Digital photo, dimensions vary
Artistic practice is an exercise in perception. Working from life requires keen observation and working in abstraction shifts one's focus to subtlety of material. In both approaches, contemplation is key.
“Be still and know that I AM God.” (Psalm 46:10)
This command to stillness and knowledge is a call to contemplative living, an invitation to active silence in which being is united with doing.
Mother Teresa in her book, In The Heart of the World: Thoughts, Words and Prayers writes:
“In the silence of the heart God speaks. If you face God in prayer and silence, God will speak to you. Then you will know that you are nothing. It is only when you realize your nothingness, your emptiness, that God can fill you with Himself. Souls of prayer are souls of great silence.”
A productive artist must both be and do. For the Christian, faith and works are inseparable; the one expresses itself through the other.
Man is both ethereal and eternal. Our lives are but a breath, a vapor that is fleeting, yet we are made in God’s image, having reasonable souls and bodies that will be resurrected to eternal existence.
We are all born His offspring in terms of our image-bearing humanity, but God calls us to bear His likeness, into which we are not born but must be formed.
God is not far off from any of us,
“For in him we live and move and have our being.’ As some of your own poets have said, ‘We are his offspring.’ Therefore since we are God’s offspring, we should not think that the divine being is like gold or silver or stone—an image made by human design and skill.”
-St Paul (Acts of the Apostles Ch. 17)
He breathes into us His Spirit of Life so that we may be changed by His power into His likeness. Man is both ethereal and eternal, soul and flesh, a substantive shadow.
Black and White Show
Gallery on the Square
Alpine, TX 2023
An archival print version of the painting Non Passe Peccare (center) is on display this month at a local, downtown gallery highlighting monochromatic works of art in all media. I find it amusing that it appears to be one of the two pieces that have a blue tinge. Tell a painter that they are limited to black and white and they are apt to ask, "Which ones?"
Non Passe Peccare
24" x 30" Oil on Canvas
I recently took a course called Man, Sin and Salvation that outlined the doctrines of Anthropology, Hamartiology and Soteriology. St. Augustine of Hippo described the four states of man: Pre-Fall (able to sin, able to not sin), Post-Fall (able to sin, not able to not sin) Reborn (able to sin, able to not sin) and Glorified (not able to sin). This painting is an analogy for these concepts and how I conceived of them visually.
The "blank page" on the left is man in the state of original righteousness, not developed into all he could be but still fresh with potential for good and evil. He is unsullied.
The next image (counter-clockwise) represents man's Fall from original righteousness into sin. The fold has irreparably changed man's nature and marred him from his original state. Anyone who has folded a paper plane or made origami will appreciate how folds matter and also affect all folds going forward.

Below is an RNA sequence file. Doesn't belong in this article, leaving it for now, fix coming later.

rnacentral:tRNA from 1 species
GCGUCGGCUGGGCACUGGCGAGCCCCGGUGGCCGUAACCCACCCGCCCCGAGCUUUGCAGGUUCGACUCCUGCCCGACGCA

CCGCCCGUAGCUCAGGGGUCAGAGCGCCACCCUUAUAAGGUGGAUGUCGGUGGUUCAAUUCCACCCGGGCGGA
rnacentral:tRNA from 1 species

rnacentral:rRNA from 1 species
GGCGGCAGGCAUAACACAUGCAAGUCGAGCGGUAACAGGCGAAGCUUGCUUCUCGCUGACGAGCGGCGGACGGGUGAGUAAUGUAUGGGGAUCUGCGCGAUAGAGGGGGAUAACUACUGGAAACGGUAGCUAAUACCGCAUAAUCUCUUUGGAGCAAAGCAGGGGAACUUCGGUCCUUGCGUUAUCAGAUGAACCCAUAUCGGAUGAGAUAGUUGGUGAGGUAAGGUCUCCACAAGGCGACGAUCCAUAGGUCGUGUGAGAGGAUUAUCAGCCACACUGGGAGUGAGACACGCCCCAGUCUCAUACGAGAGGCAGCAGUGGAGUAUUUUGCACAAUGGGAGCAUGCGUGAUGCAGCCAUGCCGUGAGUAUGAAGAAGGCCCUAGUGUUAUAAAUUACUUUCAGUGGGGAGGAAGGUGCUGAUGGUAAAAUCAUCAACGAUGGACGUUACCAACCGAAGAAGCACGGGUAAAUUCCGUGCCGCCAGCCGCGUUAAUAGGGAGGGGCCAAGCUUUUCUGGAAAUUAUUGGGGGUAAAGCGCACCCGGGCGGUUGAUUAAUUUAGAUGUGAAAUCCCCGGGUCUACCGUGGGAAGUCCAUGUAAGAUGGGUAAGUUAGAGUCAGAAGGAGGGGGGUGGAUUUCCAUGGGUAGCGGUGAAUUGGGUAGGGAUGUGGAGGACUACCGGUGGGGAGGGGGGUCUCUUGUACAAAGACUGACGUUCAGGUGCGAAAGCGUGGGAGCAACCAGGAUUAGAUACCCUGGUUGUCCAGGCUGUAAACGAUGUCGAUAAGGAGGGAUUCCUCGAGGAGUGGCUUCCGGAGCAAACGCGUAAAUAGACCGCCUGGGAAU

The third image is of the second fold and represents reborn man in a state of Grace. There is a mirror fold to the first, which is meant to suggest the empowering of man to obey God in his vivified nature. I especially like how this incorporates man's Fall, reflecting God's sovereign foreknowledge that allowed man free will, knowing that he would Fall and yet having an ultimate plan for redemption in spite of that frailty. It has been said, "Sin is therefore against God's will but never outside of or beyond God's will. God permitted the Fall to occur because in his omnipotence he could bring good even out of evil."*
The final image of the completed paper airplane suggests man's final state of sinless perfection. It is not a return to original righteousness (Adam's state, the original unmarred page with the possibility to obey or disobey) but something better. Man is transformed, deified-being made a partaker of the divine nature. We are caught up into Christ in a state of perfection to be eternally united to Him and Non Passe Peccare (not able to sin). This is well pictured by the transformed paper, now capable of flight, designed with intent and able to be lifted to the heavens.
*(Hoekema, Anthony A. Created In God’s Image. Wm. B. Eerdmans Publishing (Grand Rapids, MI), 1986. p. 132)
This is a constructed painting in the Polychrome Mechanic Series entitled Potential Momentum. It's a three-dimensional painting with bas-relief components. I approach this as a combination of painting and small-scale model-building and think of these works as objects/spaces.
Polychrome Mechanic Series - Potential Momentum
Watercolor, Graphite, Plastic and Glue on Paper
10" x 14"
Thank you to Kiowa Gallery for having me as a guest artist along with well-known regional artist Lindy Cook-Severns. It was a pleasure to meet locals and visitors during this annual two-day event. Turnout was great despite the wintry mix of snow and rain on Saturday.